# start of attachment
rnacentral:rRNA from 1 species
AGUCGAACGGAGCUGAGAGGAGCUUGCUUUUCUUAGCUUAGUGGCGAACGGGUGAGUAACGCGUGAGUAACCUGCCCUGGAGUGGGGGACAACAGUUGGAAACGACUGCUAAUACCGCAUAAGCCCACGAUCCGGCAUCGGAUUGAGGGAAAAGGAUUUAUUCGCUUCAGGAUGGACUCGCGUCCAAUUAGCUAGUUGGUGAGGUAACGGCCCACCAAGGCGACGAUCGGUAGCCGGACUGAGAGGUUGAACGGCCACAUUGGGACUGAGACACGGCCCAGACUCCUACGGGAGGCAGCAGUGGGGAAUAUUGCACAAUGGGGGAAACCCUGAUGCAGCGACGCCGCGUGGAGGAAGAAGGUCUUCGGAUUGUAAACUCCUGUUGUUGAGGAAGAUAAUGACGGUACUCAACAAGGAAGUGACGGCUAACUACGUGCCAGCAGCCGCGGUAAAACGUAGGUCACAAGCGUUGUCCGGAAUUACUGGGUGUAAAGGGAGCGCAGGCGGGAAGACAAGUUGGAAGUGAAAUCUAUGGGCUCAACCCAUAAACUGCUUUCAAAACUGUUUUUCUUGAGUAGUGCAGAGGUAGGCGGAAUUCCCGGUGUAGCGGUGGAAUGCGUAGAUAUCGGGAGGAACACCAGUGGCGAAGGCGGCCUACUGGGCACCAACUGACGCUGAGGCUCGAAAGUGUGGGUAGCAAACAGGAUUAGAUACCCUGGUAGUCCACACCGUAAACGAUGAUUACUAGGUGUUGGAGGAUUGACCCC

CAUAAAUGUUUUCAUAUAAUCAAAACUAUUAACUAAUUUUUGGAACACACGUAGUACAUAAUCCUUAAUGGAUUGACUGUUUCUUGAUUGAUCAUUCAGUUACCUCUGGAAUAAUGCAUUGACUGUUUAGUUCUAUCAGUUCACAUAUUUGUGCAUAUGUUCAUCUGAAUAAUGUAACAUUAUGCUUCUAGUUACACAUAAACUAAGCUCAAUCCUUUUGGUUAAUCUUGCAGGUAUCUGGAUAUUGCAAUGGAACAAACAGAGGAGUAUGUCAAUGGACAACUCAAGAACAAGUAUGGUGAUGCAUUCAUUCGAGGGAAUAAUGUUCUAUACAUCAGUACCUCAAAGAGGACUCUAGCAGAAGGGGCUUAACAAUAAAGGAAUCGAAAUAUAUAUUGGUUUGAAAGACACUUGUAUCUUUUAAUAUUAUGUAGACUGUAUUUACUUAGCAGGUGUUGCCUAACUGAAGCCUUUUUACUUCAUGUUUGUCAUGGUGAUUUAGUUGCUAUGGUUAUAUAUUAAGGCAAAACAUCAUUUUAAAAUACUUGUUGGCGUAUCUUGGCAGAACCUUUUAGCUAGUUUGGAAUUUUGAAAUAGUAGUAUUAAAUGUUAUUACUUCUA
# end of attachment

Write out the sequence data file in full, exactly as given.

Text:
rnacentral:rRNA from 1 species
AGUCGAACGGAGCUGAGAGGAGCUUGCUUUUCUUAGCUUAGUGGCGAACGGGUGAGUAACGCGUGAGUAACCUGCCCUGGAGUGGGGGACAACAGUUGGAAACGACUGCUAAUACCGCAUAAGCCCACGAUCCGGCAUCGGAUUGAGGGAAAAGGAUUUAUUCGCUUCAGGAUGGACUCGCGUCCAAUUAGCUAGUUGGUGAGGUAACGGCCCACCAAGGCGACGAUCGGUAGCCGGACUGAGAGGUUGAACGGCCACAUUGGGACUGAGACACGGCCCAGACUCCUACGGGAGGCAGCAGUGGGGAAUAUUGCACAAUGGGGGAAACCCUGAUGCAGCGACGCCGCGUGGAGGAAGAAGGUCUUCGGAUUGUAAACUCCUGUUGUUGAGGAAGAUAAUGACGGUACUCAACAAGGAAGUGACGGCUAACUACGUGCCAGCAGCCGCGGUAAAACGUAGGUCACAAGCGUUGUCCGGAAUUACUGGGUGUAAAGGGAGCGCAGGCGGGAAGACAAGUUGGAAGUGAAAUCUAUGGGCUCAACCCAUAAACUGCUUUCAAAACUGUUUUUCUUGAGUAGUGCAGAGGUAGGCGGAAUUCCCGGUGUAGCGGUGGAAUGCGUAGAUAUCGGGAGGAACACCAGUGGCGAAGGCGGCCUACUGGGCACCAACUGACGCUGAGGCUCGAAAGUGUGGGUAGCAAACAGGAUUAGAUACCCUGGUAGUCCACACCGUAAACGAUGAUUACUAGGUGUUGGAGGAUUGACCCC

CAUAAAUGUUUUCAUAUAAUCAAAACUAUUAACUAAUUUUUGGAACACACGUAGUACAUAAUCCUUAAUGGAUUGACUGUUUCUUGAUUGAUCAUUCAGUUACCUCUGGAAUAAUGCAUUGACUGUUUAGUUCUAUCAGUUCACAUAUUUGUGCAUAUGUUCAUCUGAAUAAUGUAACAUUAUGCUUCUAGUUACACAUAAACUAAGCUCAAUCCUUUUGGUUAAUCUUGCAGGUAUCUGGAUAUUGCAAUGGAACAAACAGAGGAGUAUGUCAAUGGACAACUCAAGAACAAGUAUGGUGAUGCAUUCAUUCGAGGGAAUAAUGUUCUAUACAUCAGUACCUCAAAGAGGACUCUAGCAGAAGGGGCUUAACAAUAAAGGAAUCGAAAUAUAUAUUGGUUUGAAAGACACUUGUAUCUUUUAAUAUUAUGUAGACUGUAUUUACUUAGCAGGUGUUGCCUAACUGAAGCCUUUUUACUUCAUGUUUGUCAUGGUGAUUUAGUUGCUAUGGUUAUAUAUUAAGGCAAAACAUCAUUUUAAAAUACUUGUUGGCGUAUCUUGGCAGAACCUUUUAGCUAGUUUGGAAUUUUGAAAUAGUAGUAUUAAAUGUUAUUACUUCUA